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    Co-occurring Alcohol Use Disorder And Mental Health

    Co-occurring alcohol use disorder and mental health

    It’s not uncommon for someone who has one mental health disorder to also be living with another. For example, people will often experience both depression and anxiety at the same time, and the symptoms of these disorders can be difficult to manage together.

    The same is true of alcohol use disorder and other mental health disorders, like depression or bipolar disorder. Someone who is dependent on alcohol is up to six times more likely to develop a mental health disorder such as depression or bipolar disorder.

    The challenge of having both alcohol and other mental health disorders is that they feed into each other. Often people will turn to alcohol as a coping method when they’re going through a rough patch due to another mental health disorder, but alcohol’s effect on someone’s body, hormones, and behavior can worsen their mental health symptoms.

    If you’re worried about how your drinking habits might be impacting your mood, try some of these tips to cut back or cut out alcohol.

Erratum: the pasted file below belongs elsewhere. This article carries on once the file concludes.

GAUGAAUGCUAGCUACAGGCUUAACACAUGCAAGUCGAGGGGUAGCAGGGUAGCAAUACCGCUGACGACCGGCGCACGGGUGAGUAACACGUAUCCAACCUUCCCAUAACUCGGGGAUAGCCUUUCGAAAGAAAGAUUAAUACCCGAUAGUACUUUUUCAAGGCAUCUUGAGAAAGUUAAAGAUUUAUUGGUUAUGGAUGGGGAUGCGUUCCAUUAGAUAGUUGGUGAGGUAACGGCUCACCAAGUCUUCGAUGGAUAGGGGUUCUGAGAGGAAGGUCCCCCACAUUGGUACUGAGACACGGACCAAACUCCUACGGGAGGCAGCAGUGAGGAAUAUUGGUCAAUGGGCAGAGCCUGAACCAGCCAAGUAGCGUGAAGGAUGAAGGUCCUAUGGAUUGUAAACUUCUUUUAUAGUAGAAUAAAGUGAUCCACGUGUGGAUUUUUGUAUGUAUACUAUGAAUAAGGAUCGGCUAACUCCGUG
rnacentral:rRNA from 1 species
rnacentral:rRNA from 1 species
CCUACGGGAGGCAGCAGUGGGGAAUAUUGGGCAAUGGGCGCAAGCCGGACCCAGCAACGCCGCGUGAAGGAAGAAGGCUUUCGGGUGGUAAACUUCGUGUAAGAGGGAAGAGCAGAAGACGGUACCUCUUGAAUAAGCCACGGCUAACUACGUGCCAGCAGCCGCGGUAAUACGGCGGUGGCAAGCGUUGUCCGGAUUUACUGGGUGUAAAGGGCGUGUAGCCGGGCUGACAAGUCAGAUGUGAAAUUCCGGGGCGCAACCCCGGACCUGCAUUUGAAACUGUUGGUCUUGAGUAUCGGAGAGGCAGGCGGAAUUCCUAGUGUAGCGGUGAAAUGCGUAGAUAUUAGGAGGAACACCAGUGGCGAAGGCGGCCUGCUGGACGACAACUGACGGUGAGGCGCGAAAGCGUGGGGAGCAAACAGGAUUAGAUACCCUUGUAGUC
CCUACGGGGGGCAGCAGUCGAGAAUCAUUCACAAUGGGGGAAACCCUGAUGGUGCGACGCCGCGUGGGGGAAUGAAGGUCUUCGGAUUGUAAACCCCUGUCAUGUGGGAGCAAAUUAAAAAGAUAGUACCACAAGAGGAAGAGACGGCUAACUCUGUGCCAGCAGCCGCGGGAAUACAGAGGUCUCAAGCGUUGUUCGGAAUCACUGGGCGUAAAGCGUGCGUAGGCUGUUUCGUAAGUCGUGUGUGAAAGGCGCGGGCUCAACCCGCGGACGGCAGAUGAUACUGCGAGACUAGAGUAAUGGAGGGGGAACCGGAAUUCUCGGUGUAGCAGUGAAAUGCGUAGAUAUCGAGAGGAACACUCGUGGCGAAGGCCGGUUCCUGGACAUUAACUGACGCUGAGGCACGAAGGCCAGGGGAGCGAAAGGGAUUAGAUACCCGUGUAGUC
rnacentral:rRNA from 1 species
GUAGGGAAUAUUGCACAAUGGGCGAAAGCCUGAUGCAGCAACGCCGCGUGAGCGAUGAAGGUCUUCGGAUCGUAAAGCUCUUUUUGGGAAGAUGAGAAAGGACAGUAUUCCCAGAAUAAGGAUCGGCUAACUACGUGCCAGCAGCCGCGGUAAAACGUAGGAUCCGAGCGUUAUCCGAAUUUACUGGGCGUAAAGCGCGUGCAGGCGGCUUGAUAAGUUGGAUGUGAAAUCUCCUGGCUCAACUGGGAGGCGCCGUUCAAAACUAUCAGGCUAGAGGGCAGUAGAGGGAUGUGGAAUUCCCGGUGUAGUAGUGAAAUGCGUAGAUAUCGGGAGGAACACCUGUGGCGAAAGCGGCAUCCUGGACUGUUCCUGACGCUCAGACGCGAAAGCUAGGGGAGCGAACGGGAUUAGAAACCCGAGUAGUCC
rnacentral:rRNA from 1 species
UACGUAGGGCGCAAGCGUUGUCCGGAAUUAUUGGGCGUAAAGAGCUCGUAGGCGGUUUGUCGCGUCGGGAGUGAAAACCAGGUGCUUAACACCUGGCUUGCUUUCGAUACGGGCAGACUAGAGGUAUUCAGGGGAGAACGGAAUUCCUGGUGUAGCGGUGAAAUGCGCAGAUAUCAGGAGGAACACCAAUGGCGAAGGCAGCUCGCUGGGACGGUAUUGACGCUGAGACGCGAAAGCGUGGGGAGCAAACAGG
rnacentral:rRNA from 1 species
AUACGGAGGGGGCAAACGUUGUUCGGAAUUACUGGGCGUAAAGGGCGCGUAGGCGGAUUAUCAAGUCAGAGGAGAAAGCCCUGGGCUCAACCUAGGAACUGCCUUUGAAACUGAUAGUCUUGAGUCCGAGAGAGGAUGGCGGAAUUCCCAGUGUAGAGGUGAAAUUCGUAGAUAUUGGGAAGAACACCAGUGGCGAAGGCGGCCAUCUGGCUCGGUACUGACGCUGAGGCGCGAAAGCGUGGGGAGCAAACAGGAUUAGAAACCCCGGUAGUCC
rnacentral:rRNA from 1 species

To cut out alcohol:

    • Find a different way to cope with stress. When you have a bad day or something stressful is weighing on you, try talking to a friend about it, exercising, or finding a creative outlet rather than reaching for a drink.
    • Avoid situations that are triggers for you. If you have friends who you usually go to a bar with, try to invite them out for coffee on the weekend instead.
    • Don’t keep alcohol in your house, even if you live with others who still drink. Ask them to support you in your mission to get mentally healthier.

    To cut back on drinking:

    • Set a goal for yourself and record how many drinks you have each week. You can do this on your phone, if you want to be more discreet about it.
    • Space your drinks by having a non-alcoholic drink between alcoholic ones. This will keep you more hydrated, and may help you feel less conspicuous around others who may be drinking more than you.
    • Choose alcohol free days, and stick to it. You can even pick a reward to look forward to after meeting your goal – but just make sure the reward isn’t a drink!

    If you can’t seem to cut back or cut our alcohol, it might be time to seek out professional help.

    It’s really key that someone who has a co-occurrence of these disorders get help for both simultaneously, or recovery will be much more challenging. If you think you or a loved one might have a substance use disorder or a mental health disorder, take a mental health screening to get insight:

    Get a checkup, from your neck up.

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